According to a report by the Wildlife World Fund (WWF) and the coalition “For the Nature” Bulgaria has made no advance at all and has demonstrated no results of the fight against illegal logging in the country. The measures that the government has implemented between 2006 and 2017 has resulted in no change to the gray sector.

Illegal logging in Bulgaria amounts to a third of all logging and generates revenue of an estimated 150 million leva per year. A previous such report covered the period between 2006 and 2013. The new data does not show any improvement in comparison. Measures that the governments implemented during the period – like electronic tickets, e-auctions and e-trade – do not work, mostly because the old procedures are still allowed. That is, e-tickets, for example, are merely an option, and as the hard-copy tickets are the ones illegal loggers forge, they continue using them the same as before. Electronic trade accounts for 3.5% of all recorded procedures. Manipulated markings on the trees and logs continue to be made just as before; forest rangers are still a scarce number and soon.

Regarding the last point, lack of human recourse, the report acknowledges that many new measures have been introduced over the past five years but the problem of who will implement them on the ground was neglected.

The report recommends that the forest agency be taken out of the Ministry of Agriculture and to become an independent control body. Another important point is building a national public database that will include all stages of logging.

Valeri Simonov: The New Fuels Act is “Repulsive” and Favors Lukoil

Vice PM and leader of the United Patriots (OP) Valeri Simonov described the new fuels bill, which was introduced to Parliament by his fellow party member Emil Dimitrov, as “lobbyist” and favoring Lukoil and other large companies. Simeonov declared he is against the continued monopolization of the market.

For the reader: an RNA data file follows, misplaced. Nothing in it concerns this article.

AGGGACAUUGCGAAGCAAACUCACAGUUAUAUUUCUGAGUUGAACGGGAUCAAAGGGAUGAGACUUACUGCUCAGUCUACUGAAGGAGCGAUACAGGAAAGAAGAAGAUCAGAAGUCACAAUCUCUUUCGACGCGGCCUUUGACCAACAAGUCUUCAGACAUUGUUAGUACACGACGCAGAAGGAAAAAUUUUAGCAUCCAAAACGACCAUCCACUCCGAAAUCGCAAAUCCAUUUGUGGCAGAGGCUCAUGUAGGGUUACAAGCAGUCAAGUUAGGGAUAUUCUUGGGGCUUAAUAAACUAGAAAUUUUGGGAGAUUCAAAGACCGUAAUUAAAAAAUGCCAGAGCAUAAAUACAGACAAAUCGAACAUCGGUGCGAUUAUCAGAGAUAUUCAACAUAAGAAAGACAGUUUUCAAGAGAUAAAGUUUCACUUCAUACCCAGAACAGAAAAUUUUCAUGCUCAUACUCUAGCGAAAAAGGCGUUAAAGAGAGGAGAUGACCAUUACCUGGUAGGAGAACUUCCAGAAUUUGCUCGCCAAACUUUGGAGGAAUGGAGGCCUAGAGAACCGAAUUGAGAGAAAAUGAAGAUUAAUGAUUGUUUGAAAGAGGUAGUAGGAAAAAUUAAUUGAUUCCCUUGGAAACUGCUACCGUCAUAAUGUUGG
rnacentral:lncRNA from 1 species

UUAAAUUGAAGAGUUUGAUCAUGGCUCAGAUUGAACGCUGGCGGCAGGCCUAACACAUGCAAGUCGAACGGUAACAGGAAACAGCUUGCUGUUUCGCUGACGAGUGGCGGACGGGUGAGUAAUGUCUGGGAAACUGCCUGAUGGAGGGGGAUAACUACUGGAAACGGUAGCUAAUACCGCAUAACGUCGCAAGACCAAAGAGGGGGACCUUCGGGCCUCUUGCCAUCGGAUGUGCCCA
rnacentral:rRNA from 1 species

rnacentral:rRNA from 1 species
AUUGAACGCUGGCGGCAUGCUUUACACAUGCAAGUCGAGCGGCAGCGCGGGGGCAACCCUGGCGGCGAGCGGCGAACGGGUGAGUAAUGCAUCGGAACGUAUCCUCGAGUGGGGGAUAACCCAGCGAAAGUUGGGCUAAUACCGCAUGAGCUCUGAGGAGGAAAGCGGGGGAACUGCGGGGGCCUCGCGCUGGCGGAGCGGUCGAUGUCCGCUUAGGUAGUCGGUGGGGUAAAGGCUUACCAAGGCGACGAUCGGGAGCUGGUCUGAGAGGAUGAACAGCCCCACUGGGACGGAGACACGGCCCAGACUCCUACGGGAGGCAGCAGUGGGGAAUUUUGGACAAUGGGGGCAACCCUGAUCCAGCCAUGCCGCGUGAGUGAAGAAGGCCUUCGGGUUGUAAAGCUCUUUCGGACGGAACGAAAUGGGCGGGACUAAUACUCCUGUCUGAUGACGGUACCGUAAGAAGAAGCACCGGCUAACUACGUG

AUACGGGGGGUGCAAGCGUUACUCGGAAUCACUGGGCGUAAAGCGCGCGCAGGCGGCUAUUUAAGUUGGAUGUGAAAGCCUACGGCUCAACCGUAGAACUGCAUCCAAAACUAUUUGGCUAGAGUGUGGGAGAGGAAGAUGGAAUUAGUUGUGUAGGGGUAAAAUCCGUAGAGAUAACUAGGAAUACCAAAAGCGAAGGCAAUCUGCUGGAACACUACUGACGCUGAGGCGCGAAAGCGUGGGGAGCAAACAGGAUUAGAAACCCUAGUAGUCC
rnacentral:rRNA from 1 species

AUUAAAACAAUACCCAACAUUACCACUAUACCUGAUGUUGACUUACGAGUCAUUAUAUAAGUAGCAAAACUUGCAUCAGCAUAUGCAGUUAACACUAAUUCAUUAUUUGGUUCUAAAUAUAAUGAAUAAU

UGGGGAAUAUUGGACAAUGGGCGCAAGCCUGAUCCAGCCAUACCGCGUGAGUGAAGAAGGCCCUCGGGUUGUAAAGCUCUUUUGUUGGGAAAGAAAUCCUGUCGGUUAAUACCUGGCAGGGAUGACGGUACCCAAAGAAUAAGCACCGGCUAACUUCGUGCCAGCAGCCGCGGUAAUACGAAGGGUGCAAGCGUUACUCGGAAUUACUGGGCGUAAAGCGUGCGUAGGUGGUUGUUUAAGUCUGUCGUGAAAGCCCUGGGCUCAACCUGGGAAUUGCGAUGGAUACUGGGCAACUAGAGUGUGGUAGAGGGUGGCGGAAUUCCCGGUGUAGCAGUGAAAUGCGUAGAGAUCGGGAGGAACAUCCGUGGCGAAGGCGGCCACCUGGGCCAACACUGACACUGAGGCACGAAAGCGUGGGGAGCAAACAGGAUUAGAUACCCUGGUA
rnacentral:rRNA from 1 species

“The new fuels bill is a revolting lobbyist bill, aimed at favoring large fuel companies, foremost Lukoil and others like them, who have captured 80% of the market”, Simeonov told the Bulgarian National Television (BNT).

“What we have here is advancing lobbyist texts via certain individuals. It is not true that the bill is introduced by the United Patriots. My friend Emil Dimitrov introduced it.”

Here he stressed that in his view the only goal of the bill is to give the market to several companies.

“You know about Lukoil, where Valentin Zlatev is, and who is a friend of Emil Dimitrov’s.”

He went on to remind that “over the last 10 years Lukoil Neftohim - Burgas” has paid zero stotinki to the state in tax because the company registers losses.”

“Meanwhile, Lukoil’s mother company, Lukoil -  Russian Federation registers 120-150 billion leva in revenue. You understand that what we have here is draining revenue.”, he concluded.

The bill for administrative regulation of economic activities connected with oil and products, derived from oil was introduced to Parliament by all political parties in Parliament and passed first reading. The bill’s primary promoter is OP MP Emil Dimitrov, known also as Revizoro. According to Simeonov Dimitrov is close friends with Lukoil Bulgaria head and Chair of the Bulgarian Gas and Oil Association (BPGA) Valentin Zlatev.